Every year on November 20th, the world comes together to celebrate children. Established by UNICEF and the United Nations, Universal Children’s Day is globally recognized as a time to reflect on the state of the world’s children and the prosperity promoted by the youngest generation.
Yet, there remains a stark contrast between the United States and the rest of the world on this important day. Though Children’s Day has been a recognized event since the year 1857, the development of an international treaty which defines the unique human rights afforded to children shifted the focus of this global awareness day towards the security and wellbeing of the world’s children. The treaty, officially titled The Convention on the Rights of the Child (CRC), was adopted by the United Nations in 1989 and has since become the most ratified treaty to ever be written, with every member state of the United Nations being party to it. That is, every member nation except for one… The United States.
The relationship between the United States and the CRC is a long and complicated one. Under the Reagan Administration, representatives from the United States heavily contributed to the crafting of the treaty and ultimately drafted as much as 80% of the overall document, which consists of 54 articles and currently three optional protocols. The reason given for such intense American participation in the creation of the CRC was rooted in the assistance needed by Eastern European nations in the rebuilding process following The Cold War. At the time, the United States prided itself on its domestic policies implemented to ensure the positive welfare of American children and its ability to aide allied nations in their own development, so many of the CRC’s articles were inspired from American laws.
Yet, when the treaty was adopted by the United Nations and became open for signature and ratification by member nations in 1989, then-President George H. W. Bush did not send a representative to act on the treaty. When President Clinton assumed the presidency, he authorized then-Secretary of State Madeleine Albright to sign the treaty on the behalf of the United States, but he did not authorize ratification of the treaty.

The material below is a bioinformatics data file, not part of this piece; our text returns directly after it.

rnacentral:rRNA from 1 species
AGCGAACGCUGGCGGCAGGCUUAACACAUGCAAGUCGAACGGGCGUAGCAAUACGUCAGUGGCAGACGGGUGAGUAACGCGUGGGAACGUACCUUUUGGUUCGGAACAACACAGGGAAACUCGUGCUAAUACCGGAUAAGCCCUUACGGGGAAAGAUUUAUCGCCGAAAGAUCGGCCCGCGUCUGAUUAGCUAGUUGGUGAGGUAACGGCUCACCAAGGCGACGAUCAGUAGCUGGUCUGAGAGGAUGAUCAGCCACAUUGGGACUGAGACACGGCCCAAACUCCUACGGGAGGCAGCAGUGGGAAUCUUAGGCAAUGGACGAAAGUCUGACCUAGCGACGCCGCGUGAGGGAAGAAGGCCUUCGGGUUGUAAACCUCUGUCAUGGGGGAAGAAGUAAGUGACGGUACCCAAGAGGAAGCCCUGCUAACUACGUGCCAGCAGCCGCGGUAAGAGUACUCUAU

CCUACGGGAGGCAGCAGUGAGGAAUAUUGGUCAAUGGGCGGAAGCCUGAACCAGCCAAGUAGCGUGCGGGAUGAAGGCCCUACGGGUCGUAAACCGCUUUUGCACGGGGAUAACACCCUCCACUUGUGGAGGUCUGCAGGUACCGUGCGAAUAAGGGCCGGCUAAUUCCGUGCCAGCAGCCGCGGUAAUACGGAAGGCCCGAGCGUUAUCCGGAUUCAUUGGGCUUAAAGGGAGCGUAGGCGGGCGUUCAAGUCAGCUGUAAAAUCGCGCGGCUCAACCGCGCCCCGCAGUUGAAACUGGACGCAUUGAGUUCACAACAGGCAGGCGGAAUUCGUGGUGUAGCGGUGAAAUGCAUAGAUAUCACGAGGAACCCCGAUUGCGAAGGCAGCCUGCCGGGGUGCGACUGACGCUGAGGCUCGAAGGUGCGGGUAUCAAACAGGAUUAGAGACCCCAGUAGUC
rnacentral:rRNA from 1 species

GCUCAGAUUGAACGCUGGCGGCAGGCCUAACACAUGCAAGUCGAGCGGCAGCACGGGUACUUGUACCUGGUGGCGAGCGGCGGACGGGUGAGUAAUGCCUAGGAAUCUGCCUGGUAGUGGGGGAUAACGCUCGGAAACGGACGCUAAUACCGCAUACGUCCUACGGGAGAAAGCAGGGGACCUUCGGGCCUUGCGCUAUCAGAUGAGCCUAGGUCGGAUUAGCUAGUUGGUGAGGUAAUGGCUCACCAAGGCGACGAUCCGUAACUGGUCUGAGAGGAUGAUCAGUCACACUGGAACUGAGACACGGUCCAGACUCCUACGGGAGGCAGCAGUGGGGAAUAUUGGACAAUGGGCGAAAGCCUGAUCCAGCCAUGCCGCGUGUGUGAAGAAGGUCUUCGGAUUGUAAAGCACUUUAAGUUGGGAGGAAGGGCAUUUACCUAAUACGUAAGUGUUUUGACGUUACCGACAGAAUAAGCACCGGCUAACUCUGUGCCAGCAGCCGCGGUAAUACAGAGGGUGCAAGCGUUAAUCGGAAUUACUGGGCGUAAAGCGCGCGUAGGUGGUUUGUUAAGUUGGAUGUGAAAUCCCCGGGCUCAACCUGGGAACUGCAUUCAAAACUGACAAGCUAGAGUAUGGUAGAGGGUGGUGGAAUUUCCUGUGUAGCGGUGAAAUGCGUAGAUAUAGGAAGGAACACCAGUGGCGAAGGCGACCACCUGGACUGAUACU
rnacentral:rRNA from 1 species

(To explain the process of treaty ratification, there are two steps nations must take: signature and ratification. Signing a treaty indicates that the signatory nation recognizes the international document and approves of the tenants within it, thus promoting an intent to ratify the treaty. Ratification indicates that a nation is willing to implement the treaty’s tenants within its own borders, and to be held accountable to the international standards set forth by the treaty.)
Secretary Albright’s 1995 signature of The Convention on the Rights of the Child remains the last action taken towards synchronizing the United States with the international declaration of children’s rights. President George W. Bush and President Obama did not attempt to ratify the treaty, though President Obama promoted his intent to ratify during his first presidential campaign. Since President Trump has taken office, no mention of ratifying the treaty has occurred. And thus, the status of the treaty remains stagnate.
Why is it important for the United States to ratify the CRC? The most obvious and basic reason is ensuring child welfare on a global scale. The articles within the treaty promote rights to education, health, and protection from harm. Ratifying the treaty will not strip the United States of its sovereignty when it comes to governing its children, , as opponents of the treaty often try to assert, but will instead promote the importance of caring for the world’s children by letting the rest of the world know that the United States prioritizes all children.
Since 1989, Universal Children’s Day has been the traditional date on which member nations of the UN announce ratification of the CRC. Which means that another November 20th has passed and the United States remains the sole member of the United Nations that has not ratified The Convention on the Rights of the Child. Clearly, the rest of the world has deemed the treaty worthy of ratification, so why shouldn’t the USA?
If you believe that the wellbeing of children should be a priority, then there are a number of steps that you can take to join the conversation and advocate for universal ratification of the CRC. Write to your congressperson and your state’s senators, talk with your family and friends, or take your advocacy to social media by using the hashtag #RatifyCRC.
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